More than thirty years after the Declaration of Alma-Ata, which sought to protect and promote the health of all people by the year 2000, the declaration has clearly failed. Despite a good deal of progress, much of the world’s population has seen its state of health stagnate or even deteriorate. Access to medicines and treatment of infectious diseases, such as tuberculosis and malaria, remains problematic in many parts of the world. More than six million children under the age of five die each year from treatable or preventable diseases, and about 300,000 women succumb to complications in pregnancy, childbirth or postpartum (2012 WHO/World Bank/UNICEF report). The inequalities are stark indeed: Africa alone supports a quarter of the global burden of disease, and represents a tiny portion of the budget dedicated to health worldwide, according to a Médecins du Monde analysis based on the 2006 WHO report on health.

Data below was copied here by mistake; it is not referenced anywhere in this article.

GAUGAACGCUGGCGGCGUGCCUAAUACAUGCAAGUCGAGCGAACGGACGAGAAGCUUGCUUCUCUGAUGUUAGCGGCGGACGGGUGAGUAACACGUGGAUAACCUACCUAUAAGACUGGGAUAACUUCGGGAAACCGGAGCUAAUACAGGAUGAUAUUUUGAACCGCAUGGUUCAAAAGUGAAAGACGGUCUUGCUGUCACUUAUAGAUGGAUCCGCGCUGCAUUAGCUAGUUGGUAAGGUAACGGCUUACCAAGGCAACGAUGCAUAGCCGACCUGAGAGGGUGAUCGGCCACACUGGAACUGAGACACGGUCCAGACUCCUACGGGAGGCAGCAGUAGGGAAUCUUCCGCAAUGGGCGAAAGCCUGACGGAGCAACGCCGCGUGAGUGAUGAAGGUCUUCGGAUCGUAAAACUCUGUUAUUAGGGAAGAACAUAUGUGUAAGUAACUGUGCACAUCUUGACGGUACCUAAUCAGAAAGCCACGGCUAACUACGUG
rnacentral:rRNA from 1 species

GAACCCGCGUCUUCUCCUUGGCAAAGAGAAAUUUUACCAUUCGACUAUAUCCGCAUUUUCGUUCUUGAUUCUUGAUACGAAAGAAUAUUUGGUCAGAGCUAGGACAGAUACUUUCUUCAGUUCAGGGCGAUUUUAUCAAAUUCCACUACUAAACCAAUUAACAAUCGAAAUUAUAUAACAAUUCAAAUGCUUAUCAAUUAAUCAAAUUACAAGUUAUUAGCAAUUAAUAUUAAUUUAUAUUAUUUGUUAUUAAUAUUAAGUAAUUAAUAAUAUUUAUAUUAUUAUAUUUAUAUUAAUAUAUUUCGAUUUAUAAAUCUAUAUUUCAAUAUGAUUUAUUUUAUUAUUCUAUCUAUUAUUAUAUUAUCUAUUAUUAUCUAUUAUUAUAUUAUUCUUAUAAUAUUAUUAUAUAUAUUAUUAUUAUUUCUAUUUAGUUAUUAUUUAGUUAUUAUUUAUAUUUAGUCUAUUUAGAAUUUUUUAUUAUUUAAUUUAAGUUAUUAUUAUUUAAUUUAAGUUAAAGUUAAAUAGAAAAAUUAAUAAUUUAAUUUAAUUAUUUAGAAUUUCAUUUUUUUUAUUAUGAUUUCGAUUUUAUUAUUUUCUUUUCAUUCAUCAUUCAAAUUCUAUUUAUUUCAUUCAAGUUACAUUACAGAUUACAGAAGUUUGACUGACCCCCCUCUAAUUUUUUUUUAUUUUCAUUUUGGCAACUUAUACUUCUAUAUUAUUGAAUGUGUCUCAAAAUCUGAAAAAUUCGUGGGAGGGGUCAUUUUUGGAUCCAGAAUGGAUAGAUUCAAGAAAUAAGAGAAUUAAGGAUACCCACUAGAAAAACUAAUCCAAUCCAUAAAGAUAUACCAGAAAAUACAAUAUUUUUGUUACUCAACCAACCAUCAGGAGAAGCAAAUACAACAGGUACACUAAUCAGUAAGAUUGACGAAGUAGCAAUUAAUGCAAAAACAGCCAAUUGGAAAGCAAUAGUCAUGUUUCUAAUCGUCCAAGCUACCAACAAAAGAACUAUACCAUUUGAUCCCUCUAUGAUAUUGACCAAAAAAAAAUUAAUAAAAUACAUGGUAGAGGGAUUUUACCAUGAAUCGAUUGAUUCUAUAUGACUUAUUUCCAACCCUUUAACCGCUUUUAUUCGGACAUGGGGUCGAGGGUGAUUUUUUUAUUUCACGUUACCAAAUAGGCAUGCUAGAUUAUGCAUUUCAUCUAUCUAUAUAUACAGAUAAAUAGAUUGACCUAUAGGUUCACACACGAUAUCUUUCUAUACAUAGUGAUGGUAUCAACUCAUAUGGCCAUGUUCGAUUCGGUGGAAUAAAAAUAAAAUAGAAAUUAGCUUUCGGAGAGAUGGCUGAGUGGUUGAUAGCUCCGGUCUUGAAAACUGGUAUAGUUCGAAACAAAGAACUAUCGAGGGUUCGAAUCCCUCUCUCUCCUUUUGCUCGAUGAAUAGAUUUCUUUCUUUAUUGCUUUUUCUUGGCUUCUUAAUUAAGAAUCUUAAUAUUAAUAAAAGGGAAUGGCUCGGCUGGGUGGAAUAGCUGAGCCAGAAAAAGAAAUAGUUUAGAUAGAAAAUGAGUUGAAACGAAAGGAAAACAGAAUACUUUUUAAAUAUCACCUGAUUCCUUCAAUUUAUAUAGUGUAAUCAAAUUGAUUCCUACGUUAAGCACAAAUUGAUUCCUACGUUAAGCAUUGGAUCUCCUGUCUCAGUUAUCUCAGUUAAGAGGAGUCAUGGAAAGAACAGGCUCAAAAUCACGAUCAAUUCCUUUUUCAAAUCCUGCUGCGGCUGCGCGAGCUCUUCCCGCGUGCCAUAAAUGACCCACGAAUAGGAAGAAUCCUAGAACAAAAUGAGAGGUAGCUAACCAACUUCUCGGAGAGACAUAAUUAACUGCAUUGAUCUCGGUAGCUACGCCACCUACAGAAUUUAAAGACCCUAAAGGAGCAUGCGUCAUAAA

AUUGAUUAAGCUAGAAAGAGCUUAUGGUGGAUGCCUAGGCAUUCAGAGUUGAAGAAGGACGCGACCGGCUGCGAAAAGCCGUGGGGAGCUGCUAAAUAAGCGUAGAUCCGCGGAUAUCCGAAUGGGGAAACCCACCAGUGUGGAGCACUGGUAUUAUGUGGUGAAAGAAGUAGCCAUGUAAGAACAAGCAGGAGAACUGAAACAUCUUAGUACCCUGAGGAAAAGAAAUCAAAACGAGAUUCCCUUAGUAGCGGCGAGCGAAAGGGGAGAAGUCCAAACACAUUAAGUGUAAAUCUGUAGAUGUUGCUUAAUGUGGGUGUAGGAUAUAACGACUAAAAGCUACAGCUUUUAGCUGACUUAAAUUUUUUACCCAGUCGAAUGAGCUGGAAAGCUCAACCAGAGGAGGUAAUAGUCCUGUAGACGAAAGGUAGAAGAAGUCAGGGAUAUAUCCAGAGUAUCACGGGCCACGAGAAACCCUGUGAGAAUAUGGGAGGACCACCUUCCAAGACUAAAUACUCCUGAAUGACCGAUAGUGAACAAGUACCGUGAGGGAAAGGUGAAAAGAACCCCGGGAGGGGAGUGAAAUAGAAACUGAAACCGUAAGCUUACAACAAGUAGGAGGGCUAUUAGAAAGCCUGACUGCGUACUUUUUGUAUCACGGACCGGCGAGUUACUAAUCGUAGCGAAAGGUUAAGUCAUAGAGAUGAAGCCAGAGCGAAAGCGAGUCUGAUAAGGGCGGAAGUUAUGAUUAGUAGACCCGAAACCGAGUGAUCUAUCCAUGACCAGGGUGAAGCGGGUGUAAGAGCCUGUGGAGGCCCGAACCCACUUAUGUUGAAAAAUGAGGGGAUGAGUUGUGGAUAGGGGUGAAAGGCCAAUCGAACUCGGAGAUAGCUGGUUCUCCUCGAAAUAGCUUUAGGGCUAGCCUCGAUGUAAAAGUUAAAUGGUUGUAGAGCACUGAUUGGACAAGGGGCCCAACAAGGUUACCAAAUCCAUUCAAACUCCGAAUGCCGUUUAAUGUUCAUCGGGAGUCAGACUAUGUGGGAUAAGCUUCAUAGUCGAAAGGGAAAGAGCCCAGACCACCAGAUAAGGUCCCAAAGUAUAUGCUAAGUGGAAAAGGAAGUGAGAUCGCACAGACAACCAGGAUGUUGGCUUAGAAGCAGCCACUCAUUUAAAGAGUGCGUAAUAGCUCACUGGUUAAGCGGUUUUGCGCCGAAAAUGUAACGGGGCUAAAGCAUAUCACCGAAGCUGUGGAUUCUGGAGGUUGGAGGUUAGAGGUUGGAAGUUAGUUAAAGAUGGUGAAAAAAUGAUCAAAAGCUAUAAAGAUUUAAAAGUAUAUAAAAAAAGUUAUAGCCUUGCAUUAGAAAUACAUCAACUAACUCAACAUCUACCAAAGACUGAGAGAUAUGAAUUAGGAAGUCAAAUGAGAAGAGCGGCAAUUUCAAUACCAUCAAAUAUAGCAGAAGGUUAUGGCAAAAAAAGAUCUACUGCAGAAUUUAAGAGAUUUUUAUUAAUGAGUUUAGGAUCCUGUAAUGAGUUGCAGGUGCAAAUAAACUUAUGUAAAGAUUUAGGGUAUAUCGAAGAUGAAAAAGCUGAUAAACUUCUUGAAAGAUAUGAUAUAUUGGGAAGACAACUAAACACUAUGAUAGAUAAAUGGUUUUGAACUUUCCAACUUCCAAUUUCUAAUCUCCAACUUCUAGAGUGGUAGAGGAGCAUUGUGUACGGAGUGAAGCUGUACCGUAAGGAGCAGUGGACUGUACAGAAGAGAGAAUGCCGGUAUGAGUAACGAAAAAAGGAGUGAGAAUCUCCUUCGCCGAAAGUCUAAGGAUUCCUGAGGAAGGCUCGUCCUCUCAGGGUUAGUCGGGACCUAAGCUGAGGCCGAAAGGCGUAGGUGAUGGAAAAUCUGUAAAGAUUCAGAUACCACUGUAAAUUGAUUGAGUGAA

The Foundation strives to provide support to ensure that access to healthcare –a fundamental right for every human being – is recognised in the most vulnerable communities in emerging countries and people plunged in humanitarian crises due to conflicts or natural disasters. It has been working for two decades in Lebanon and has been providing support to women who are victims of sexual violencein the Democratic Republic of Congo and in Central African Republic.